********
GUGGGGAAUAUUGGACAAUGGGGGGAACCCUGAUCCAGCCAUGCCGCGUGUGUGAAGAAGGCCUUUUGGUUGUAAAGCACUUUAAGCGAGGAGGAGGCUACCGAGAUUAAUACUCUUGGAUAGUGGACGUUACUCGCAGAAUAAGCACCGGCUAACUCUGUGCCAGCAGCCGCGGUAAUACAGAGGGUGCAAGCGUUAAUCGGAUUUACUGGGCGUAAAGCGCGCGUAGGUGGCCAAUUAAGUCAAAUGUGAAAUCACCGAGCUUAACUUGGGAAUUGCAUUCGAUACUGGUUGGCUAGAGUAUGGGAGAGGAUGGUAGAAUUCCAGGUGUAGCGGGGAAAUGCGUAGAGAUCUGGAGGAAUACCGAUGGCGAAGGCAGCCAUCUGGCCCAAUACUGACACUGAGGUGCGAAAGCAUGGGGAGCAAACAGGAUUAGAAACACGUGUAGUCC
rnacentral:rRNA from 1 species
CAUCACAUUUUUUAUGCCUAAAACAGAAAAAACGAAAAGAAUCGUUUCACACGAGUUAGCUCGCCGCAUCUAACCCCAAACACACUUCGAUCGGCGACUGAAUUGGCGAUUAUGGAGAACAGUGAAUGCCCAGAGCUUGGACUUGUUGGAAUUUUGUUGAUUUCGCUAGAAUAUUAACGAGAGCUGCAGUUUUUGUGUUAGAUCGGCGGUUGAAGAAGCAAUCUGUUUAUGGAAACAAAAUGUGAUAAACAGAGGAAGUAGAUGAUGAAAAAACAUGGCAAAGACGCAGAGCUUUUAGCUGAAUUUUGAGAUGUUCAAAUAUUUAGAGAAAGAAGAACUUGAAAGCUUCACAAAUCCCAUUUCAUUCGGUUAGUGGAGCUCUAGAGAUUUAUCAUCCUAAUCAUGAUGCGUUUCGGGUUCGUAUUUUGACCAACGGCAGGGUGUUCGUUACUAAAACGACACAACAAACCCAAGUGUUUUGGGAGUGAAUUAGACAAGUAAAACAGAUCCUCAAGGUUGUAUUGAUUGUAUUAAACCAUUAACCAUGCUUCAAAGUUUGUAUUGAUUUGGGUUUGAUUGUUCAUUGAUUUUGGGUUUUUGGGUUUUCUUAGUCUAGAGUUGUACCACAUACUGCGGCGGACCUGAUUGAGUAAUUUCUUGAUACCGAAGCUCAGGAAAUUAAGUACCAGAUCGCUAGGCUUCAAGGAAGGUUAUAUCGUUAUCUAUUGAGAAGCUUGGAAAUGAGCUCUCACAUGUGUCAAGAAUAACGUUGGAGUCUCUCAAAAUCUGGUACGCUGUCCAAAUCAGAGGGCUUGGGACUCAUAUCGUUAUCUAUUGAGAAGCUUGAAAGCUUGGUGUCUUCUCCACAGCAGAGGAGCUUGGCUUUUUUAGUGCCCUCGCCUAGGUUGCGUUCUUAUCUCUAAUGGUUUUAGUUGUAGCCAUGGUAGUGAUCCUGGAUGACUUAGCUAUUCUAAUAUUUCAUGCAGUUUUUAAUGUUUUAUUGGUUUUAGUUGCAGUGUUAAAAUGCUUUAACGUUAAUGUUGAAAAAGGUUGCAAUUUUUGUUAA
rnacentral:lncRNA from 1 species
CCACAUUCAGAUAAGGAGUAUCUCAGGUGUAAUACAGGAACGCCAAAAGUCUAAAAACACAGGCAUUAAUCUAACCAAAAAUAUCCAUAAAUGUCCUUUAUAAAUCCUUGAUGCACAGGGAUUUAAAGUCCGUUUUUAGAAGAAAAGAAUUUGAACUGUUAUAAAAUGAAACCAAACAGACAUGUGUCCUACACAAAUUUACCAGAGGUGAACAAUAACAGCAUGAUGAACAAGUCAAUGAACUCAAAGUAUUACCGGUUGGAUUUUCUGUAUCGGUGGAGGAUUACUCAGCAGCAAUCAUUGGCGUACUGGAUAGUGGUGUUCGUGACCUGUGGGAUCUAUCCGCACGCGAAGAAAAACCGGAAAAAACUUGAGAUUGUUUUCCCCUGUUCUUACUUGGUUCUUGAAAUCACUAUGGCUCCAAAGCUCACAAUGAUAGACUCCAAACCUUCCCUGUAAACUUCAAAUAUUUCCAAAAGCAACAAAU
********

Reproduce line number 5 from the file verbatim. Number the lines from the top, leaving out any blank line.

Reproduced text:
CCACAUUCAGAUAAGGAGUAUCUCAGGUGUAAUACAGGAACGCCAAAAGUCUAAAAACACAGGCAUUAAUCUAACCAAAAAUAUCCAUAAAUGUCCUUUAUAAAUCCUUGAUGCACAGGGAUUUAAAGUCCGUUUUUAGAAGAAAAGAAUUUGAACUGUUAUAAAAUGAAACCAAACAGACAUGUGUCCUACACAAAUUUACCAGAGGUGAACAAUAACAGCAUGAUGAACAAGUCAAUGAACUCAAAGUAUUACCGGUUGGAUUUUCUGUAUCGGUGGAGGAUUACUCAGCAGCAAUCAUUGGCGUACUGGAUAGUGGUGUUCGUGACCUGUGGGAUCUAUCCGCACGCGAAGAAAAACCGGAAAAAACUUGAGAUUGUUUUCCCCUGUUCUUACUUGGUUCUUGAAAUCACUAUGGCUCCAAAGCUCACAAUGAUAGACUCCAAACCUUCCCUGUAAACUUCAAAUAUUUCCAAAAGCAACAAAU